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AIDS Res Hum Retroviruses. 1999 May 20;15(8):713-9.

Treatment of AIDS-related primary central nervous system lymphoma with zidovudine, ganciclovir, and interleukin 2.

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  • 1Division of Hematology/Oncology, University of Miami School of Medicine/Jackson Memorial Hospital, Florida 33136, USA.


AIDS-related primary central nervous system lymphoma (AIDS PCNSL) is a rapidly fatal disease. Conventional therapeutic modalities offer little and new approaches are needed. Previous work has shown that zidovudine (AZT) in combination with other agents is active in retroviral lymphomas. Epstein-Barr virus (EBV) is detected in tumor tissue and cerebrospinal fluid of AIDS PCNSL patients. In a preliminary in vitro study we found that an Epstein-Barr virus-positive B cell line underwent apoptosis on coculture with AZT. This effect was accentuated by the addition of ganciclovir (GCV). We treated five patients with AIDS PCNSL with a regimen consisting of parenteral zidovudine (1.6 g twice daily), ganciclovir (5 mg/kg twice daily), and interleukin 2 (2 million units twice daily). Four of five had an excellent response. Two patients are alive and free of disease 22 and 13 months later; another responded on two separate occasions, 5 months apart, and the last patient responded with a 70-80% regression of tumor but could not be maintained on therapy owing to myelosuppression. We conclude that parenteral zidovudine, ganciclovir, and interleukin 2 is an active combination for AIDS-related central nervous system lymphoma.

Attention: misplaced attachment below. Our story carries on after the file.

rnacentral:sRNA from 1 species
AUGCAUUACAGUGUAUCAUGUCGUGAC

[PubMed - indexed for MEDLINE]
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